The Book Club
Reviewed by Michael R. Collings
“I did what I suspect everyone does in a situation like this. I waited.”
And with that we are introduced to the world of Jason Wilkes, devoted husband and father, whose life abruptly veers into terror.
In The Book Club, Alan Baxter masterfully manipulates the transition from rather bland, everyday reality to a larger universe of darkness and the unknown. It begins directly, as Wilkes becomes increasingly concerned that his wife, Kate, has not yet returned from her Wednesday-night book club. It’s after midnight, and repeated calls to her mobile phone prove futile.
As he considers what to do, and worries about possibilities, he hears her voice calling his name. Yet when he looks for her, no one is there. Again and again, at moments of crisis, he hears her calling him…yet she is never there.
Except, perhaps, she is.
This small detail rings true and sets the stage for Wilkes’ incremental descent into the unknown as he unravels the mystery that is the book club and discovers that actions have consequences and that consequences do not necessarily end with death.
Unable to accept either of the police’s suppositions—that she has run away with another man or that she is dead—Wilkes sets out to investigate on his own, following the meager clues she has left behind, unraveling the mystery that is the book club, strand by strand, until he stands at the center of a secret that encompasses all time and space and discovers that some quests are best left unresolved.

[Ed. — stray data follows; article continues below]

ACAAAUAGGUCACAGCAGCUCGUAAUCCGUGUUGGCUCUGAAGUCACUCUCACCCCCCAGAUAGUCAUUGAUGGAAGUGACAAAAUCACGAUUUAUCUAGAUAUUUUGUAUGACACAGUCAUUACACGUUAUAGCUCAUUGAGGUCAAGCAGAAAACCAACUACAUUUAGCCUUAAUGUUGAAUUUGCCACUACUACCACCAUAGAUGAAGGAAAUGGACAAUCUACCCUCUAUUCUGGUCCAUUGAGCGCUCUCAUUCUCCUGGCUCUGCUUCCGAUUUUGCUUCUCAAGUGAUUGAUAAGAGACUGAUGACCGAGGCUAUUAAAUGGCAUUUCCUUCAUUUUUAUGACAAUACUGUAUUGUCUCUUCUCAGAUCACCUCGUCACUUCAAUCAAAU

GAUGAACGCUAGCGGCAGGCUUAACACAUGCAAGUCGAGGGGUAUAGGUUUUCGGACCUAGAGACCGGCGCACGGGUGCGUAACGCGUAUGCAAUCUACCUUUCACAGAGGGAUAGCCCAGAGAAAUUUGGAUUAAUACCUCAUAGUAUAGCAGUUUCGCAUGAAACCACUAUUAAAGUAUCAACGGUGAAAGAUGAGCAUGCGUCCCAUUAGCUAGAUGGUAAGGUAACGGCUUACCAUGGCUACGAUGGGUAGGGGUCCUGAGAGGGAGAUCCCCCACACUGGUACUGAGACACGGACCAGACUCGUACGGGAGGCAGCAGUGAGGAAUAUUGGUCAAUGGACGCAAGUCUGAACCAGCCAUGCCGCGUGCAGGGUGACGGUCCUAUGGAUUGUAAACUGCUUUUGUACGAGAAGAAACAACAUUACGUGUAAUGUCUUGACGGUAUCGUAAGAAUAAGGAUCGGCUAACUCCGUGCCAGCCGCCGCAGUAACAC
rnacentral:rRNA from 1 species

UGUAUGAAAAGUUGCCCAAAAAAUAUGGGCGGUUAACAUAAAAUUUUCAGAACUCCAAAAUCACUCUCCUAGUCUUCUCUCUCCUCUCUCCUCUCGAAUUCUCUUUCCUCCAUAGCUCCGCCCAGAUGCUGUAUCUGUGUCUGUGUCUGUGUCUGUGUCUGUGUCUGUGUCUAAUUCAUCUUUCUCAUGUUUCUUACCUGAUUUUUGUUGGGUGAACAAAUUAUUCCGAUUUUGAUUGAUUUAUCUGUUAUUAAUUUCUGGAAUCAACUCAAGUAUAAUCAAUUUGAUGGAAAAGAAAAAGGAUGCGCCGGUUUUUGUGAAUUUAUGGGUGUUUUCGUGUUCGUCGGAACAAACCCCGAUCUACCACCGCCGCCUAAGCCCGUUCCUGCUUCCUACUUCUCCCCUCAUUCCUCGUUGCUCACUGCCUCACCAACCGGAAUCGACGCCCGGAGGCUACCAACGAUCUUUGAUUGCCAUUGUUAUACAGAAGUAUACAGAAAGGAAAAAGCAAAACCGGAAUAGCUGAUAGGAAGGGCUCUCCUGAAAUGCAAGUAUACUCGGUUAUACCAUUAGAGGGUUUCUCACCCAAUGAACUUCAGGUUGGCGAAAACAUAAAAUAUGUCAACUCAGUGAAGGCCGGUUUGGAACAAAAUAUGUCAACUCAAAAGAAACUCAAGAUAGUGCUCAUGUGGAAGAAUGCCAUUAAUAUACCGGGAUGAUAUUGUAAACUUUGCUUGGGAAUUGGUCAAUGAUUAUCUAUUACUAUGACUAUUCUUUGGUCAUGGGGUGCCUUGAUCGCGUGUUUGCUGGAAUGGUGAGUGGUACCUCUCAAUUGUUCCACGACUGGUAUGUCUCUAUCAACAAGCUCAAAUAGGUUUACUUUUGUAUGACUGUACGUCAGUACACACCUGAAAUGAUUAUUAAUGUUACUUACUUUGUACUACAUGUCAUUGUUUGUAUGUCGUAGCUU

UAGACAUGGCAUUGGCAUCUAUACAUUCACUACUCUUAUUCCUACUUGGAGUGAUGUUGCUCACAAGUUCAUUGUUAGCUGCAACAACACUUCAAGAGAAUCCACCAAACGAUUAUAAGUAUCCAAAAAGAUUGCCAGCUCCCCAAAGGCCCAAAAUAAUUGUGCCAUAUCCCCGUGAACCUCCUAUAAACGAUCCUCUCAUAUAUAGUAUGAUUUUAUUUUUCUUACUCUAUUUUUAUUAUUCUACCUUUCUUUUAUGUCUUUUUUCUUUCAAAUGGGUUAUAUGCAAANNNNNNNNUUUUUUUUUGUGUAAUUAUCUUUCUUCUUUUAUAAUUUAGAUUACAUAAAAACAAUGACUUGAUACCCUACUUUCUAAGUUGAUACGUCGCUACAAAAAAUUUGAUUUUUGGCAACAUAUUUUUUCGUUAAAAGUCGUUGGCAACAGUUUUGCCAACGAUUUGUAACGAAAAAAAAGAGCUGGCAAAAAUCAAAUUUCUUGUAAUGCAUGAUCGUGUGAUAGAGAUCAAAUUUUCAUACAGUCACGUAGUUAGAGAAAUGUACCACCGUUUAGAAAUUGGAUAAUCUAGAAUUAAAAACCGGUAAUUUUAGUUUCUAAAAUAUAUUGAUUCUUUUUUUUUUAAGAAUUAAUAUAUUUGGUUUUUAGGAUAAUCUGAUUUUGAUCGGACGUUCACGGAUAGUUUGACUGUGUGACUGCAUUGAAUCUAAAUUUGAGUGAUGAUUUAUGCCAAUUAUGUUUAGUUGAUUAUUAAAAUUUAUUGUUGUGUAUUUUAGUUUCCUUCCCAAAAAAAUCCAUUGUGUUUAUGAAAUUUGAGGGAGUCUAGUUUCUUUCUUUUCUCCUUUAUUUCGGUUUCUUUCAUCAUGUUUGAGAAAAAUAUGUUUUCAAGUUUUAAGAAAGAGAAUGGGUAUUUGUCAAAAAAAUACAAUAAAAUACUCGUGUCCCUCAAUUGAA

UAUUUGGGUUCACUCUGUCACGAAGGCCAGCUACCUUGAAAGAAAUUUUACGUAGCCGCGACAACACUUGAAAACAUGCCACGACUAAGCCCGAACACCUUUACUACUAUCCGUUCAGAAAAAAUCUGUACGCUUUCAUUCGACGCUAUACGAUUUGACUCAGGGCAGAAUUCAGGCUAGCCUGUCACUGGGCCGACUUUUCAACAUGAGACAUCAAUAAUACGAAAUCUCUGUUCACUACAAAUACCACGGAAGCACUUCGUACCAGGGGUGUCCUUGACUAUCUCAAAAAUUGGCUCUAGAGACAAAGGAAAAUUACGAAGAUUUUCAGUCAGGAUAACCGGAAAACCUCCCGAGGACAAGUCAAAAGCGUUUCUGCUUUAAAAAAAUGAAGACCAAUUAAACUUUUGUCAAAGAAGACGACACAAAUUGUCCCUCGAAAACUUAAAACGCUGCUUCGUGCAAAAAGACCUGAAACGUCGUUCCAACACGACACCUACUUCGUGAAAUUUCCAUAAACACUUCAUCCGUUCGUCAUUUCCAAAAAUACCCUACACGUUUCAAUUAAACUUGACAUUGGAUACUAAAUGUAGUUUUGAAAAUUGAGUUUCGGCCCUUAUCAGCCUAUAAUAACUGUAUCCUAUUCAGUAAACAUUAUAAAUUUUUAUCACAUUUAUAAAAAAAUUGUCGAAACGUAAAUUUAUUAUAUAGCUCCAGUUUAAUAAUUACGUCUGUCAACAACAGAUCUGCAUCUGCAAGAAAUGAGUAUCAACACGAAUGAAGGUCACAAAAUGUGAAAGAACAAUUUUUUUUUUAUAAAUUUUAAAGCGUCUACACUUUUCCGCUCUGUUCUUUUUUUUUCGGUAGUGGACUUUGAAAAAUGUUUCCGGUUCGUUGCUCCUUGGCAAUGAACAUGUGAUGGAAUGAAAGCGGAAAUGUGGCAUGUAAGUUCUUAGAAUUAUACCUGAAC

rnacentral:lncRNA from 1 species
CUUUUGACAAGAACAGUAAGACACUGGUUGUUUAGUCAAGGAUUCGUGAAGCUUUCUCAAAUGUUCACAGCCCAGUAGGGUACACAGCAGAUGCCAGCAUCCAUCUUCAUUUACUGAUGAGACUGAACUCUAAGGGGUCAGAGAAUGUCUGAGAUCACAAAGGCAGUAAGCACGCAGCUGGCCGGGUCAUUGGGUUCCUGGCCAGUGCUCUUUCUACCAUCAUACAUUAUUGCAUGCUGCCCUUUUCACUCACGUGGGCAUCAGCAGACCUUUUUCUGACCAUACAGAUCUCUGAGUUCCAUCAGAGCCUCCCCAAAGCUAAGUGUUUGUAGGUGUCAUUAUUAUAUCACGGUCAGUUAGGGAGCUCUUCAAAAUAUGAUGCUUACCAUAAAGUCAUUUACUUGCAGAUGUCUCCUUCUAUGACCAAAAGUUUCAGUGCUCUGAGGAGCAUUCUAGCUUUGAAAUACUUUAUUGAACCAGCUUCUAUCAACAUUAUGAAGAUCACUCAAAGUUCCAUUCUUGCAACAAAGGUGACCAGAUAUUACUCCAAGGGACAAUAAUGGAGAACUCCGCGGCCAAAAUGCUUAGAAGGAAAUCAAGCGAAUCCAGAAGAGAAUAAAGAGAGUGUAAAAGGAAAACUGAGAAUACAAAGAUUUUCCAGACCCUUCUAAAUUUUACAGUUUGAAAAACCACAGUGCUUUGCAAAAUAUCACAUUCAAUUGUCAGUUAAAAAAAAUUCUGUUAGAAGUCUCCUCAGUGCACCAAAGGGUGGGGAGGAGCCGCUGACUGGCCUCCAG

The Book Club begins as a straightforward, missing-persons mystery, focused on a single family. Step by step, it enlarges with Wilkes’s discoveries until it encompasses the cosmic, the universal, and the multiverse itself. Baxter incorporates perennial themes—innocence and experience; appearance and reality; the power of dreams as revelations; love and hate and the complex, constantly shifting boundary that separates them—into the story of a single man and what he is willing to sacrifice to recover her…or, failing that, to join her.
Overarching all, it is the story of seekers, individuals committed to discovering truth, whether it be a man searching for his missing wife, two police officers following a complicated case toward its conclusion, or, as Wilkes discovers, an esoteric group seeking “the deepest knowledge, the eternal secrets,” even though success means putting life and sanity at risk.
Because, as we all know, there are some secrets that should never be uncovered.
The Book Club is a taut tale, told skillfully and well. It is compressed, manipulative (in the finest senses), constantly surprising. Each new revelation incorporates an unanticipated twist, culminating in a devastating discovery that has been implicit in the story almost from the beginning. It plays with Lovecraftian conventions—with a wry reference to non-Euclidian space, for example, and occult languages whose words taste like vomit—but never settles for the easy, tentacular trick. It is monitory even as it urges its characters and its readers into the unknown. Its title and opening lines are innocuous, consciously generic; its climax is terrifying and its conclusion a paean to the light.